What should be done with colonial statues honoring Moroccans forced to fight a European war?  

The war memorial was cold and wet, but the warm pulse of history throbbed rhythmically within it.  I had driven nearly an hour from my hotel in Paris just to touch its stone base.

This Monument à la Victoire commemorated the 35,000 Moroccan soldiers who had fought for France in the European battlefields of World War I.  Of their numbers, 9,000 had died in the trenches, while 17,000 returned wounded. This statue dominated Casablanca’s downtown until 1961, five years after Morocco’s independence.  At that time, the monarchy sent the monument to France. It landed—perhaps appropriately—in Senlis, a city briefly under German control in 1915.

Monument à la Victoire by Paul Landowski. (Paris: Librairie de France, 1933).

Governments often construct monuments to honor an event, and statues actualize flattering interpretations of history.  In this instance, the French narrated a past that ignored the forced conscription of Moroccans who died defending a foreign country in a European war.        

The colonial government posed the monument’s first stone during a ceremony on Armistice Day in 1921.  Hubert Lyautey was Resident General of the French Protectorate. His speech evoked a “friendly and cordial association of two races.”  He insisted, “The secret…is the extended hand, and not the condescending hand, but the loyal handshake between man and man.”

The Protectorate commissioned Paul Landowski to design this statue.  This sculptor was in great demand after World War I. Landowski designed twenty monuments commemorating soldiers who died between 1914 and 1918, including Les Fantômes in France. By engaging such a famous sculptor, Lyatuey made known the propagandistic significance placed on this statue.      

Monument des Fantômes (Photo by Stéphane Lefebrve)

In Morocco, Landowski created an equestrian statue showing a French and a Moroccan soldier shaking hands after their victory in Europe.  The figurative representation embodies a highly nostalgic—and false—depiction of the Moroccan soldier, who is dressed in an old-fashioned cape and turban, not the uniform worn in the trenches.  In this way, the statue subtly inferred that Moroccan soldiers were a sort of archaic throwbacks to a bygone era.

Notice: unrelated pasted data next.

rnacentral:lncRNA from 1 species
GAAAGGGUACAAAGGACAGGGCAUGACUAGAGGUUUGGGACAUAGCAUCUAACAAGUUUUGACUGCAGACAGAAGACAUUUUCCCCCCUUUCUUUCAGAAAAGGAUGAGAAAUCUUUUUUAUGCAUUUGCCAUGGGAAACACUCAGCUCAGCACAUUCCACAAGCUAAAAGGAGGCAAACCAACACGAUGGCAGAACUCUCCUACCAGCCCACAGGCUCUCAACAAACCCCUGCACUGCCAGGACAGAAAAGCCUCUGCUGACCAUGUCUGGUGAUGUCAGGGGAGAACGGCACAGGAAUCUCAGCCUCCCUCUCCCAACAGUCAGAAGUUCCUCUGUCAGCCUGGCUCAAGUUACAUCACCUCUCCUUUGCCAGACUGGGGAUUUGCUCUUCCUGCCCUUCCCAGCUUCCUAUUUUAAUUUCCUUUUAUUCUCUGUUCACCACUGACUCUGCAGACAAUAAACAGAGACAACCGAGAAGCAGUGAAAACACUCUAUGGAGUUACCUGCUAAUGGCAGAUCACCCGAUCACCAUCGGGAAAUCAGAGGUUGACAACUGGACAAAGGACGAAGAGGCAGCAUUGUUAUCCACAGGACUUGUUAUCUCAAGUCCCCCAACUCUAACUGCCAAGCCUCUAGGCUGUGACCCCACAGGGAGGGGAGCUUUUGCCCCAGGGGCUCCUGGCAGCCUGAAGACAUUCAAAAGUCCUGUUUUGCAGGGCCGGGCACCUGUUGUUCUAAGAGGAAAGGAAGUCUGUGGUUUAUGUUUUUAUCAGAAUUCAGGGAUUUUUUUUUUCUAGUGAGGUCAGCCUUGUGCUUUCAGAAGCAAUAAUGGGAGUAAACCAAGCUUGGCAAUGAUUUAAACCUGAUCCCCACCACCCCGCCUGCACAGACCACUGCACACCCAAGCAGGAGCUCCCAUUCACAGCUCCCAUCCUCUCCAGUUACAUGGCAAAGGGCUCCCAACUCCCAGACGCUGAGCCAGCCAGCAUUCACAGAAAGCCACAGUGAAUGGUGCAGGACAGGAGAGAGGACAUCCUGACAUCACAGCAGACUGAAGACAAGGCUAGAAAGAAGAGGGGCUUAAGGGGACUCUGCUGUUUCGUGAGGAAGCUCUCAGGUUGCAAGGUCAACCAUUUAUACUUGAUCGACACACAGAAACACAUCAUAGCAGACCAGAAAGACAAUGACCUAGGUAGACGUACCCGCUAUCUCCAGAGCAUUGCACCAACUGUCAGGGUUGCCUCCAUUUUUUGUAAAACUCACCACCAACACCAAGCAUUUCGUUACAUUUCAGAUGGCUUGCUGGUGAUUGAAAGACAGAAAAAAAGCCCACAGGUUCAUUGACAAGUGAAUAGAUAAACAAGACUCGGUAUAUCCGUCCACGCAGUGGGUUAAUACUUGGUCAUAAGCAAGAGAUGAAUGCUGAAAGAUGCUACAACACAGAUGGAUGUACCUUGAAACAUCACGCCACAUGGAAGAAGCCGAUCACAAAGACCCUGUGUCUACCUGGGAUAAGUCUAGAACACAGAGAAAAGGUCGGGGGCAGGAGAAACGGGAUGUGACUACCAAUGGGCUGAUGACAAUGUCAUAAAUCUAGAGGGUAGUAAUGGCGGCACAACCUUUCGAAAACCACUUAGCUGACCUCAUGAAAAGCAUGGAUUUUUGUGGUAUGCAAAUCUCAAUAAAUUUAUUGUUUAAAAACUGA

Each side of the rectangular base of this equestrian monument depicts scenes of Moroccan soldiers participating in the First World War.   On one side, the bas-relief “The Departure” underscores the romanticized distinction between Europeans and their Moroccan counterparts. In it, a local woman swathed conservatively in traditional robes bends before colonial soldiers. One Moroccan soldier wears a turban, and a camel accompanies the five men who march off to war.  

The Monument à la Victoire (Photo by author)  

The names of the fallen are in the Latin alphabet, but the sculptor also included prayers and phrases in Arabic.  Etched in stone, one Arabic phrase looks like graffiti. “Write in the sand,” it states, “only that which is not worth remembering.”  My throat constrict as I read this line.

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The Monument à la Victoire (Photo by author)

I stood next to the Monument à la Victoire for nearly an hour, tracing the letters and photographing the raised images on its base.  Historian Diana Wylie writes, “Architecture, like music has enormous power to express, and to shape, who people think they are and what they believe in.”  The Monument à la Victoire, though moving, obscures Franco-Moroccan tensions. Despite its artistic and historic value, it will always represent an extractive political system.  

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